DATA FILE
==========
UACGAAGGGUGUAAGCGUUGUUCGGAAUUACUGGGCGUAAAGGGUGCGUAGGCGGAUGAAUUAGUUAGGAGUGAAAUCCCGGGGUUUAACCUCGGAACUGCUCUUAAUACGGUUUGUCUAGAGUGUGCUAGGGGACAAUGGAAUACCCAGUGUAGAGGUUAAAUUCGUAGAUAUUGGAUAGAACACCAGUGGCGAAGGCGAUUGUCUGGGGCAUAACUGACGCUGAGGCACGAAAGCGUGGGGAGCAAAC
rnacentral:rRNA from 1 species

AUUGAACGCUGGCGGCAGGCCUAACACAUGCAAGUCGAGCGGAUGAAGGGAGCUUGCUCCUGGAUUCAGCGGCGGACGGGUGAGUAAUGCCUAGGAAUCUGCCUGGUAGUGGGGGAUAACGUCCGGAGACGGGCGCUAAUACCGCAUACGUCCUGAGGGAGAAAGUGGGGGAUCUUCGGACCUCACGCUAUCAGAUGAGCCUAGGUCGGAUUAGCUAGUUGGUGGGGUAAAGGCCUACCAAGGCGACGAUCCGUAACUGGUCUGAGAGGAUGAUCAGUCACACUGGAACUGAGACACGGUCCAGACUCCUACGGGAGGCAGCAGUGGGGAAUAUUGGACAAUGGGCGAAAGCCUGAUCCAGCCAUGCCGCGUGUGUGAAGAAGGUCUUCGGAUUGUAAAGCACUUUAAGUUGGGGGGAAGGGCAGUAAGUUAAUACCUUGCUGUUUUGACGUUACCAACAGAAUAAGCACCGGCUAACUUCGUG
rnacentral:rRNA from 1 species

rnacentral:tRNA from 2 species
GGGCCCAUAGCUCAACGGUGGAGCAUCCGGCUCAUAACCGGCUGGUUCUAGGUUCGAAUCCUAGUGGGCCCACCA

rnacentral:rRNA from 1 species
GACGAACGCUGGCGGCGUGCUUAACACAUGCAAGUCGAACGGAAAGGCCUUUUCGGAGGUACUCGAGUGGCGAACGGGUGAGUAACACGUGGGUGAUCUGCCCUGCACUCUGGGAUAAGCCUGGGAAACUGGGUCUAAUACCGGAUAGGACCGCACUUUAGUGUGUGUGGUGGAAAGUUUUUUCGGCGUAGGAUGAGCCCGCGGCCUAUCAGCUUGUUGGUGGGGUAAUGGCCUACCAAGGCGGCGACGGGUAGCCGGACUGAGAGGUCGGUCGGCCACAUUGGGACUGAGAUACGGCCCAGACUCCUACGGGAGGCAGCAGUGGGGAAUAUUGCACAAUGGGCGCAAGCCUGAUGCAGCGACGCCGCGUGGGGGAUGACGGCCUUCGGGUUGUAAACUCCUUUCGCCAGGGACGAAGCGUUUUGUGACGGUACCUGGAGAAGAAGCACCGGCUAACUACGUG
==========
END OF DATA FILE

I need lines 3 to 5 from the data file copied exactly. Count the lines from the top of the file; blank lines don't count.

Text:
AUUGAACGCUGGCGGCAGGCCUAACACAUGCAAGUCGAGCGGAUGAAGGGAGCUUGCUCCUGGAUUCAGCGGCGGACGGGUGAGUAAUGCCUAGGAAUCUGCCUGGUAGUGGGGGAUAACGUCCGGAGACGGGCGCUAAUACCGCAUACGUCCUGAGGGAGAAAGUGGGGGAUCUUCGGACCUCACGCUAUCAGAUGAGCCUAGGUCGGAUUAGCUAGUUGGUGGGGUAAAGGCCUACCAAGGCGACGAUCCGUAACUGGUCUGAGAGGAUGAUCAGUCACACUGGAACUGAGACACGGUCCAGACUCCUACGGGAGGCAGCAGUGGGGAAUAUUGGACAAUGGGCGAAAGCCUGAUCCAGCCAUGCCGCGUGUGUGAAGAAGGUCUUCGGAUUGUAAAGCACUUUAAGUUGGGGGGAAGGGCAGUAAGUUAAUACCUUGCUGUUUUGACGUUACCAACAGAAUAAGCACCGGCUAACUUCGUG
rnacentral:rRNA from 1 species

rnacentral:tRNA from 2 species